The Medical Research Council has called for a strategic rethink on the funding of mental health research in the UK following a major review reported in the Lancet last week. Mental health problems affect 16 million people in the UK at any one time and is estimated to cost at least £77 billion annually in England alone:
The report identifies four key themes where there are gaps in existing research. These are:
- severe mental illness (primarily psychosis)
- anxiety and depression (including bipolar disorder)
- neurodevelopmental, learning and intellectual disabilities
- pathways to mental wellbeing
The review also highlights the disparity between the burden of the disease and the level of funding for mental health research, and identifies several target areas for a future mental health investment strategy:
- strengthen population-based research through:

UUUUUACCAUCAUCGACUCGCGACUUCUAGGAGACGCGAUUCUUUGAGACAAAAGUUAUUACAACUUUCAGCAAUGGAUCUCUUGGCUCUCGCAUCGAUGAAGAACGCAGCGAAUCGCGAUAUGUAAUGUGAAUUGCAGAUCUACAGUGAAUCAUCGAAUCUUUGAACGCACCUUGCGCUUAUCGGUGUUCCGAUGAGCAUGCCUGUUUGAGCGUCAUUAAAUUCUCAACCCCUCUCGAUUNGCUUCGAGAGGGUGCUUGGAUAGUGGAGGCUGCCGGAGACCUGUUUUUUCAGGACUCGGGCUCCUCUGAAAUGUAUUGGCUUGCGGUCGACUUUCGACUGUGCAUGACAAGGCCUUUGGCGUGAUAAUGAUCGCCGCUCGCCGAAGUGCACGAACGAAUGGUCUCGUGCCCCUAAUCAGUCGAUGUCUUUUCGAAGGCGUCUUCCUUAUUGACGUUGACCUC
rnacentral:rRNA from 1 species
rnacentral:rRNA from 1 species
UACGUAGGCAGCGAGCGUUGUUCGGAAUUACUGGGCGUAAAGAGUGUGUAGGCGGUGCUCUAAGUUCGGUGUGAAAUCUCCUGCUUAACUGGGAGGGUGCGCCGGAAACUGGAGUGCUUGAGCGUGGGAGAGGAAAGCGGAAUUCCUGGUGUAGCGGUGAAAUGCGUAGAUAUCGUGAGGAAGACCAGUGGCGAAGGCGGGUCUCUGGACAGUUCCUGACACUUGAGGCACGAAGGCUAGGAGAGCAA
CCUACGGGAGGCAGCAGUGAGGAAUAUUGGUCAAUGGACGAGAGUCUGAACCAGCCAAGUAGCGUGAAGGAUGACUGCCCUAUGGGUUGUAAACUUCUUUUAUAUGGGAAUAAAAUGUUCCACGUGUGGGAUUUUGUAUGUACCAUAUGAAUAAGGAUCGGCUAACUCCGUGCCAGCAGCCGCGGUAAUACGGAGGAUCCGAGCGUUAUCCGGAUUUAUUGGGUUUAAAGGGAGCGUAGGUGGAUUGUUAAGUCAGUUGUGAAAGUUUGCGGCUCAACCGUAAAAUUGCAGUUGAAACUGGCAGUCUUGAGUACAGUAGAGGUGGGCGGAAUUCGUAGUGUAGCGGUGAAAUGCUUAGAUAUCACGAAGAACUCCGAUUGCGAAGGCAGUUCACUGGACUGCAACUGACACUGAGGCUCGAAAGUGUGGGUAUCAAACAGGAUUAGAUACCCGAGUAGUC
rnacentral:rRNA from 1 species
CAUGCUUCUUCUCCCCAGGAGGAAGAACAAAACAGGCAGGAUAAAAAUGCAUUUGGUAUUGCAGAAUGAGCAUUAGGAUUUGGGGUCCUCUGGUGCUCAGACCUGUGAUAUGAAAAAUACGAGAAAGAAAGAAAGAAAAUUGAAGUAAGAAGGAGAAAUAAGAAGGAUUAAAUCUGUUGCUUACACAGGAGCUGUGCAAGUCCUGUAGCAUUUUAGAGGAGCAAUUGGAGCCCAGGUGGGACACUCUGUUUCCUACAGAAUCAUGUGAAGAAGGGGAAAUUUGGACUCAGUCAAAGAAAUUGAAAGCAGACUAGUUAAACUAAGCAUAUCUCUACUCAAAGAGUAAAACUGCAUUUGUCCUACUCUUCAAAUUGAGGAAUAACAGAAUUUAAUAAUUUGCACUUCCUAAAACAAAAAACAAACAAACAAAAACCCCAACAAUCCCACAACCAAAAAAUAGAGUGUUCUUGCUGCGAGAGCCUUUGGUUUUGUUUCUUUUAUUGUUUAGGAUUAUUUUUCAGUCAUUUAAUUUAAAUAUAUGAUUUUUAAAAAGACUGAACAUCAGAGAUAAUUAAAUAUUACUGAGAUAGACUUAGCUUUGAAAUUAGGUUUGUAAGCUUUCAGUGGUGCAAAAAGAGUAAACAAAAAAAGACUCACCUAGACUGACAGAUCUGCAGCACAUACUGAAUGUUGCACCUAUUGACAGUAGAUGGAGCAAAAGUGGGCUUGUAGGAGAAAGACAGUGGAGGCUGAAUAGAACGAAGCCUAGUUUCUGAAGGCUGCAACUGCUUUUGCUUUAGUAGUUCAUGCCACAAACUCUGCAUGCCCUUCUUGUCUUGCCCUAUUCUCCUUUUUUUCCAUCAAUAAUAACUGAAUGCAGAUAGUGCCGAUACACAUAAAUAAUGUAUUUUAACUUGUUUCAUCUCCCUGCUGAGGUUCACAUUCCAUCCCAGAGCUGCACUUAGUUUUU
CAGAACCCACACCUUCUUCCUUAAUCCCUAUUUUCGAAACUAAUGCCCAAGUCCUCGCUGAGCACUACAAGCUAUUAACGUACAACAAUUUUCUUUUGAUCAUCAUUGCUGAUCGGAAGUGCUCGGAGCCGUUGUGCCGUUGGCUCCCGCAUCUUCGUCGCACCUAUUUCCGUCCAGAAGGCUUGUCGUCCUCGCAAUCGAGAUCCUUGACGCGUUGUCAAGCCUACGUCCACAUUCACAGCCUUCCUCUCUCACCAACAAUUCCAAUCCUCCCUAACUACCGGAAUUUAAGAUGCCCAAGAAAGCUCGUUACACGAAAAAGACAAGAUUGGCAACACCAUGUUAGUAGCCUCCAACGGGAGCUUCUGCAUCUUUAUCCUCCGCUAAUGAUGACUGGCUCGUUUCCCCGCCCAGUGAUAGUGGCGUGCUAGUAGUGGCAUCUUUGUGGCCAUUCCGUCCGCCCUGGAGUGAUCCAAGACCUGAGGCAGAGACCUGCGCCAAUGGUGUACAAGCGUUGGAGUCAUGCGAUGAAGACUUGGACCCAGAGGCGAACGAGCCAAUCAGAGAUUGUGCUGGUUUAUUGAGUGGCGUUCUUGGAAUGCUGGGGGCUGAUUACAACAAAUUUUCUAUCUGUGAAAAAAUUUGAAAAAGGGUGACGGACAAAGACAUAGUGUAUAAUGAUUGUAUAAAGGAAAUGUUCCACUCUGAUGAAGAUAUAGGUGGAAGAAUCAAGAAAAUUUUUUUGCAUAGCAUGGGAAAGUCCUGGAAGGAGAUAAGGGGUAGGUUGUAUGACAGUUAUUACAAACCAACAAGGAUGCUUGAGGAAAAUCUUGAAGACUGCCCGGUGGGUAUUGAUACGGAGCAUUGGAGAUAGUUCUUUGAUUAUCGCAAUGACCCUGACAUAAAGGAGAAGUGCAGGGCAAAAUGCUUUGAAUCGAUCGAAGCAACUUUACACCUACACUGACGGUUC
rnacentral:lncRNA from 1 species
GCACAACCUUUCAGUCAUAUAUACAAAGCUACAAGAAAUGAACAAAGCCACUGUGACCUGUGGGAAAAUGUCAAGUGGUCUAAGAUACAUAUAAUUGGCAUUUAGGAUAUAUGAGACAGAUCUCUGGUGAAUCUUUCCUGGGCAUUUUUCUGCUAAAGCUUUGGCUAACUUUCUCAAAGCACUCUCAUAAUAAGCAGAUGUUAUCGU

- the development of an NHS-based large-scale dataset and repository of biological and social factors for mental health research;
- adding value to existing or planned cohorts;
- promote experimental medicine and research into new treatments;
- increase research capacity and innovation by:
- exploiting the key scientific opportunities in this field and expand the foundations for new treatments and prevention through enhancing support for thematic multidisciplinary research groups;
- enhancing research training and increasing critical mass by adding incentive for research careers in mental health research and encouraging broader, structured training programmes across all relevant disciplines and careers;
- work with stakeholders to investigate how best to reduce stigma and to promote positive mental health and wellbeing at a population level throughout the life course.
Annex D of the review also has a useful summary of past and current funding opportunities in mental, both UK and EU-based.